“We’re all part of nature. Some day the world will recognize this, but meanwhile there’s plenty of work that’s waiting. For the sake of all the others who are like you but less strong and less gifted perhaps, many of them, it’s up to you to have the courage to make good.”

The most readable sections of the novel are those set in the grounds of Morton with the young Stephen. Pastoral descriptions are full of English pride and a liberating sense of natural freedom. Stephen is at her most free when she gallops across green hills and fields with her faithful horse Raftery.

“The gardens lay placidly under the snow, in no way perturbed or disconcerted. Only one inmate of theirs felt anxious, and that was the ancient and wide-boughed cedar, for the weight of the snow made an ache in its branches … But it could not cry out or shake off its torment.”

These early episodes make wholesome use of natural metaphors that are infinitely more successful than the later episodes contained within inner-city Paris. The gay bars that Stephen and her partner Mary frequent later in the novel are dirty and degrading and Stephen is appalled that she must be forced to mix with the people for whom life has “at last stamped under; who, despised of the world, must despise themselves beyond all hope, it seemed, of salvation.” They are described as “haunted”, “tawdry” and “shabby” and it is sections like these that betray a hint of classist bias.

Maureen Duffy, in her introduction to the novel, expresses it thus: “The Well certainly has its shortcomings both as a work of literature and as an apologia for a homosexual way of life and love; nevertheless, for decades these have been outweighed for many readers by the novel’s mere existence in telling them that they were not alone, and by the courage of its author in both writing and defending it.”

“I am one of those who God marked on the forehead. Like Cain, I am marked and blemished. If you come to me, Mary, the world will abhor you, will persecute you, will call you unclean. Our love may be faithful even unto death and beyond – yet the world will call it unclean. We may harm no living creature by our love, we may grow more perfect in understanding and in charity because of our loving, but all this will not save you from the scourge of a world that will turn away its eyes from your noblest actions, finding only corruption and vileness in you. … And when you come to me for protection, I shall say: ‘I cannot protect you, Mary, the world has deprived me of my right to protect; I am utterly helpless, I can only love you.’”

The F Word & The F Word

“I’m sorry, which one?”

It is a strange thing that modern vernacular now has two possible answers to this question: Feminism or Fuck.

“The F word” is a phrase born of censorship. Keep the nasty words out of the earshot of innocent minds and out of polite conversation. The notion of contracting a word to its first initial and a series of asterisks as a means of hiding it’s meaning, is itself a ridiculous notion. We all know what it means. Children know what it means. That cannot be avoided. The word is still there, you’re fooling no one with your asterisks.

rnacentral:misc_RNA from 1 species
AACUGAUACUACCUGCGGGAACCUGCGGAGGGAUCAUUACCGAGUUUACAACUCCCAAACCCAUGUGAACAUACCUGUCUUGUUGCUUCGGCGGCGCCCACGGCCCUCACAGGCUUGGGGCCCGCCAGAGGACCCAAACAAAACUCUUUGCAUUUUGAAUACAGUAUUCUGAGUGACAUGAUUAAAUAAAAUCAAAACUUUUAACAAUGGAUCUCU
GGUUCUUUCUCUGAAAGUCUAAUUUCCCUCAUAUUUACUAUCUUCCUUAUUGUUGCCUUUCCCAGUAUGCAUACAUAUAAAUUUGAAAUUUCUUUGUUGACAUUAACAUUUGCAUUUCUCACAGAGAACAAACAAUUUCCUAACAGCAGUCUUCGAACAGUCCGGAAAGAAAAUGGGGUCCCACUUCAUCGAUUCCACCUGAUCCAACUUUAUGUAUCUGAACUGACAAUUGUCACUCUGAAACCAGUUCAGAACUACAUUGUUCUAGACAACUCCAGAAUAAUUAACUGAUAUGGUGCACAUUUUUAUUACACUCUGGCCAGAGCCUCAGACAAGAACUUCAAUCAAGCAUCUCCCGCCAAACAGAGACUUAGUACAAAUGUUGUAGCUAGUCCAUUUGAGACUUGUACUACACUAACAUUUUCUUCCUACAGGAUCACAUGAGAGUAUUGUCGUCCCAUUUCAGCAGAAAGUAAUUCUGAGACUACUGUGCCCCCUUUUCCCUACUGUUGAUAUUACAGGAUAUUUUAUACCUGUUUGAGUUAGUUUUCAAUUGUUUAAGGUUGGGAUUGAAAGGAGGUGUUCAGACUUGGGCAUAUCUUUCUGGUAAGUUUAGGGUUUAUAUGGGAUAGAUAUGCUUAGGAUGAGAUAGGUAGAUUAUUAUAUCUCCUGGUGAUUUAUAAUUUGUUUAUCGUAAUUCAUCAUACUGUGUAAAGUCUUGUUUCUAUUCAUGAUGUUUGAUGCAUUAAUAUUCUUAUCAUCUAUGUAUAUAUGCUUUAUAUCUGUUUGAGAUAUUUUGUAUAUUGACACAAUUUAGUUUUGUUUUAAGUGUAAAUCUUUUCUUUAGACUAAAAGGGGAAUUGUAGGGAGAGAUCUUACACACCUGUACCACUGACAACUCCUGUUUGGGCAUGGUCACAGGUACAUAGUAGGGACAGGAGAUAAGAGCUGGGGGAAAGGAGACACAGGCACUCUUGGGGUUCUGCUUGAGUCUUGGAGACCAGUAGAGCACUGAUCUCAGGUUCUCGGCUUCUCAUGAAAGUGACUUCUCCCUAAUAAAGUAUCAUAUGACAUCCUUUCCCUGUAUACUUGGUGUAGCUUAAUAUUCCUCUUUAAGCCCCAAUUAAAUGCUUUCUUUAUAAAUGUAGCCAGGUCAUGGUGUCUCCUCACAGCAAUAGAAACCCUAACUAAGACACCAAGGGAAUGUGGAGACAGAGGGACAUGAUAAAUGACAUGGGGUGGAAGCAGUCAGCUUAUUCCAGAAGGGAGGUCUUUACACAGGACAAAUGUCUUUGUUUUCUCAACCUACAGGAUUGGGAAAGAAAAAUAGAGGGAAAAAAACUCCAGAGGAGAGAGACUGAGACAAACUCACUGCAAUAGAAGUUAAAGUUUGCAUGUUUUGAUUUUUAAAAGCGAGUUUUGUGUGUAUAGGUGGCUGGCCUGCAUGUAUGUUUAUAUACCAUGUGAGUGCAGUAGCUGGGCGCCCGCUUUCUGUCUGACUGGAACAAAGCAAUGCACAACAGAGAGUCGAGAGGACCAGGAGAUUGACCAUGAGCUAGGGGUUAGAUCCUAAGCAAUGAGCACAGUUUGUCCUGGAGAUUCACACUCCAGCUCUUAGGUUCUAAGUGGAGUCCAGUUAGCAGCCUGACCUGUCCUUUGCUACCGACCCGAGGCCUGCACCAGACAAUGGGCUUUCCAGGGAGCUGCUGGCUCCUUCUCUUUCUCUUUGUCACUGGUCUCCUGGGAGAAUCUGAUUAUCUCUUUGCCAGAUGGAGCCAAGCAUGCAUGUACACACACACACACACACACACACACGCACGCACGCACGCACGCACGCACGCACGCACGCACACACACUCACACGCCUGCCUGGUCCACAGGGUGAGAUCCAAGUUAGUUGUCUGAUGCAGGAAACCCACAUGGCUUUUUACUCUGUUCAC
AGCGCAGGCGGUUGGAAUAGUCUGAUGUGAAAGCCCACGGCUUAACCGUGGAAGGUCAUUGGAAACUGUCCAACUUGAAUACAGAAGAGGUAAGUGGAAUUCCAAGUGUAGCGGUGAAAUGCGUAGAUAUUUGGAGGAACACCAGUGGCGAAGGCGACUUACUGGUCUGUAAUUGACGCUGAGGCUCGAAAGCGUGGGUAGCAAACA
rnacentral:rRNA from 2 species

But censorship is its own debate. What is relevant here is that another word is apparently now worthy of being censored to the same level as “Fuck”. And that word is “Feminism”.

How has that happened? How has Feminism become a nasty word to be half-hidden and whispered in conversation for fear of reproach? Feminism is being treated like a dirty word and that is unacceptable. I know that I have personally felt like I need to mumble it under my breath with a tone of apology, to ward off anyone who might roll their eyes and lean back in their chairs wishing they hadn’t started the conversation. People are afraid of arousing debate. And, really, why is that? Why are people scared of talking about important issues, as though it is going to ruin their evening? “I just wanted to have a quiet drink in the pub. I wasn’t looking for an intellectual debate at this time of night!”

Political debate does not equal argument. Sharing opposing ideas can be a passionate experience, yes. But passion, when exhibited by generally reasonable persons, should not lead to negative results. Especially, a word like Feminism – a word that means equality for everyone, everywhere. There is too much misunderstood about this word, but in the words of Caitlin Moran, Feminism is: “Not all the penises being burned in a Penis Bonfire. Just women being equal to men.” And everyone else in between.

So don’t be afraid of this F word. Don’t mumble it under your breath, but say it proudly, with the appropriate decibel level. Of course if you want to go shouting it from the rooftops, then be my guest. You won’t be arrested for public indecency or disturbing the peace, because Feminism is NOT a dirty word. Feminism is a fucking beautiful word.

 

(Quote from Caitlin Moran found here: http://www.esquire.co.uk/culture/advice/a9641/things-men-dont-know-about-women-caitlin-moran/)

Book Review: “A Whole Life” by Robert Seethaler

The first book recommended to me by the staff at Waterstones:

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A Whole Life

by Robert Seethaler

5-stars

Neither the economy of language nor the physical coldness of the landscape do anything to dampen the warmth of feeling woven throughout this short novel – both bitter and sweet.

There is a frankness and plainness to the words that creates a world without over-filling it. You feel that every word is necessary. It is ungarnished. The infrequent dialogue is made the more potent by its scarcity and blunt truthfulness. You feel as if these are memories hewn by time to their most composite form; memories whose accuracy encompasses all that is needed, all that is most affective. Our guide, Egger, is a man of fortitude and quiet strength. His many trials, though tragic, are without the solipsism of tragedy.